mago, Persons


Playing around with this rss-thingy was nice. I had to look through the bookmarks – they are a bit like hair. It tends to grow (what is elating when there are (first) not so dense spots), gets a bit out of form and needs a trim now and then. I have neglected trimming the bookmarks for some time & so found some outdated, or others I am not interested in any longer. Some sites do not support rss anymore and recommend for staying up-to-date using the usual “social”-media like twitter and fatzebook. I saw an article predicting the end of rss all together, but most of the magazines I am interested in still use it, and the others will be visited when I feel like it. No way that I join twitter or farcebook because of this.
While at it, I looked at my devoted followers on WordPress & noticed that the number had increased since I had a glance. I found two that I’d like to get rid of, but there is seemingly no way to cut these unwanted ties. One leads to a kind of magazine that seemingly ceased to exist in 2012 – nice that they used my humble blog as inspiration for filling their space, but obviously I couldn’t help, sorry.
The other is a bit embarrassing, because it uses the avatar of a fake persona (a young Indian lady interested in anything) & leads towards some murky website that seemingly wants to sell portables or such, and url after url will be addressed in the new browser window – I killed the whole process after the fourth or so. It is obviously no nice young Indian lady interested in anything, but nothing but a cavalcade of links generating clicks and whatnot.
I looked at the WordPress forum & in the help-section, all is about getting followers & shooting trouble when “following” is not working, there is nothing about getting rid of obviously fake followers.
À propos “dead” blogs – I have a list of blogs from people to whom I felt connected once – sounds stupid perhaps, but we had conversations in (emotionally) tense times, and it feels wrong to me to simply delete these links. The blogs are still there, so the partners in conversation still keep them, or better: did not delete them, for what reasons ever.
I wonder what is the policy of blogger or other services in this respect ? Will server space simply be made available after perhaps ten years of in-activity ? Is someone taking care of this ? And why should one, or not ? Does this long-lost conversations “belong” to someone ? Is emotional value worth to be stored ?
I would very much like to find out about some of them. It is research, and I am a researcher (of some kind), data should be available in the giant stores of google … it would put this gargantuan data-collection to at least a small good – and heck – allow me to search these people and use it for PR if you like, it would at least satisfy my curiosity, ha ! If google can buy SanFrancisco for its engineers, why not hand me a dime and try to give the monster a nice & friendly face ? THIS would be archiving.
Anyway, I am tired now, maybe this last point needs a bit of further investigation and heavy thinking. But not now. Actually I do not want to think about finiteness or mortality, I have enough of this through the day, and sometimes through the night.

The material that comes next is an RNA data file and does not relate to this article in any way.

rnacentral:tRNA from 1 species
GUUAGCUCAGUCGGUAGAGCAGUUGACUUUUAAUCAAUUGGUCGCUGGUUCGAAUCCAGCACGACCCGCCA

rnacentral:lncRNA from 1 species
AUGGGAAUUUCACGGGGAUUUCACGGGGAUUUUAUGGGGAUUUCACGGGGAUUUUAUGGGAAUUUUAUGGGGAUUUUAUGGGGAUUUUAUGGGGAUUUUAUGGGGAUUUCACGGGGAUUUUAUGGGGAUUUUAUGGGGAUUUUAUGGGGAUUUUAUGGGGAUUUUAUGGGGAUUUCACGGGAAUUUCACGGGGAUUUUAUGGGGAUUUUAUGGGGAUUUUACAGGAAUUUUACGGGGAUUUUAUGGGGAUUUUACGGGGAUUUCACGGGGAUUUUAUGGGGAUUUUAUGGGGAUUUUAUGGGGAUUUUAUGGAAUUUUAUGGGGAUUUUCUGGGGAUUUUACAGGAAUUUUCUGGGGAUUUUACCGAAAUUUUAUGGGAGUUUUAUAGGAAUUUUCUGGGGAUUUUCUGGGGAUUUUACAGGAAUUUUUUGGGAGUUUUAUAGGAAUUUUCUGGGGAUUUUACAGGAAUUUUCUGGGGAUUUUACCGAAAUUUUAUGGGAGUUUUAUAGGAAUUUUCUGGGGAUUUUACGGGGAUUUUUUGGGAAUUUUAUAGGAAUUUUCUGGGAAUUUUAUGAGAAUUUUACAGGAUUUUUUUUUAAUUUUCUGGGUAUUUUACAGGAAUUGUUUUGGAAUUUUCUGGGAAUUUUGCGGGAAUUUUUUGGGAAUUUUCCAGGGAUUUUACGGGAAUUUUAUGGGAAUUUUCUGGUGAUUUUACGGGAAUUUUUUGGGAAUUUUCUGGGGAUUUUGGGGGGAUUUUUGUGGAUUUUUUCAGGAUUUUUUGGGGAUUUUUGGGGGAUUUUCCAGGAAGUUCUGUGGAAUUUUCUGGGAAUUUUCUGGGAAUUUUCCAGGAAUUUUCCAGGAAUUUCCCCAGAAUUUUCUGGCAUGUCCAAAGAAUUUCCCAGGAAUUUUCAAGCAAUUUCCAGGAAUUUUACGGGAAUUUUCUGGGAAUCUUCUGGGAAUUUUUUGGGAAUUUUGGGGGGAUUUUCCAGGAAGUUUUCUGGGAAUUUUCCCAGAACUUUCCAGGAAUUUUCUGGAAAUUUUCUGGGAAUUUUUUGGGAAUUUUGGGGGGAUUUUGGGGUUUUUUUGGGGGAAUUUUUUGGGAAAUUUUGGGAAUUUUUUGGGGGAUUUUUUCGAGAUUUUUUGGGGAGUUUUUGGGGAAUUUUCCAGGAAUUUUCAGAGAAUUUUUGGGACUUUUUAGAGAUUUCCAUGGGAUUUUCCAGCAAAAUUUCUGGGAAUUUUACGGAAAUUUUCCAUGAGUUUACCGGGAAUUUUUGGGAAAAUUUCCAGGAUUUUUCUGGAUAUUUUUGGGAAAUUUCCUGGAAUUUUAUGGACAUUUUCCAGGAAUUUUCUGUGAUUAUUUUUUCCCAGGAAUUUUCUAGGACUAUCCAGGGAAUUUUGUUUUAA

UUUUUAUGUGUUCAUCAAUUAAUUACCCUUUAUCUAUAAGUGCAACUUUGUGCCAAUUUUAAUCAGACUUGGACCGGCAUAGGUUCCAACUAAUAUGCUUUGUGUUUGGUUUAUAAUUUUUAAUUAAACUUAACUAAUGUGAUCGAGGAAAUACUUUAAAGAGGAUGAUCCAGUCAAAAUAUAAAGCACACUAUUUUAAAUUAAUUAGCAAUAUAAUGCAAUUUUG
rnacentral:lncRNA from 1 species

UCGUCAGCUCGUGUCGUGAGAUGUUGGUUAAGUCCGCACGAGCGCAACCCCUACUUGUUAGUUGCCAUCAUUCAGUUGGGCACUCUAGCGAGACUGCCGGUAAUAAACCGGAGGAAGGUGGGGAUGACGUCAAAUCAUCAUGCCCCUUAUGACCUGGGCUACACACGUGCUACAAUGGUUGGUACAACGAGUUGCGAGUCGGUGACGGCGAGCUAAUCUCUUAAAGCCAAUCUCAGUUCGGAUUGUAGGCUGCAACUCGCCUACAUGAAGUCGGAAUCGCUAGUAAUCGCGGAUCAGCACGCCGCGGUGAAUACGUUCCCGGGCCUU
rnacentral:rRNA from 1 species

So here is a bit of music, excellent guitar work by Messrs BARNES & KRESS. Just so.




9 thoughts on “Shduff

  1. lx says:

    I always feel a bit sad when a once regular blogger friend stops posting. In particular, I have lost most of the Australians that were once active. Some went over to FB and some simply quit. I treasure everyone who is still going at it.

  2. I think it moves a bit in waves.
    Some of the people I mentioned simply moved on, the actual situation in which the blog was used and/or helpful did change. But it is still there, as a reminder, or perhaps as a chance. I think one or two died. A few blogs were completely removed, without any comment or notice.

  3. I’ve had to remove some of the old blogging buddies links on my blog, but only because I discovered that those blogs have been taken over by spammers. I do miss the old blogging friends who helped me feel at home and welcomed to the blogosphere. And wherever they are, I wish them well.

    The other bloggers have stopped posting, but I like to keep their links intact, because they still have some good stuff on there, and there are records of our conversations–a testament to the friendship and importance of those interactions at those times. It’s a wonderful reminder, though sad at times, to look at those blogs like old fotos of friends and relatives we remember so fondly, long after they are gone. But their impact remains and we are much better people for having met them and hanging out with them, even for a short while.

  4. As Austere already saied – hmm mh …

    You saied it better than I could Eroswings. The idea to compare it to old fotos is very good, very fitting I think. And it is important what you say – these are conversations, not monologues ; interactions. There’s always a part of both partners in it.

  5. I deleted someone from my blogroll (what an ugly word that is) who was of help to me a couple of times in extremis, but it was a long time ago and for years thereafter the person concerned posted the dullest posts in Christendom, about cakes and sunsets and recipes no-one is ever going to make. I appreciated the support at the time, but without a sustained level of interest in the posts… they’re deleted.

  6. Yes, “blogroll” reminds me always a bid of “bog roll” … some blogs simply got lost when computers crashed or software was changed. For example I lost the url of a company of boring men doing boring things, discussing the pro & cons of beige jackets and hobbies like pylon watching etc, I am svery sorry that I do not have this bookmark anymore. – in comparison this is exciting, Looby.

    Way to go LX – you are not in pylon watching yet ?

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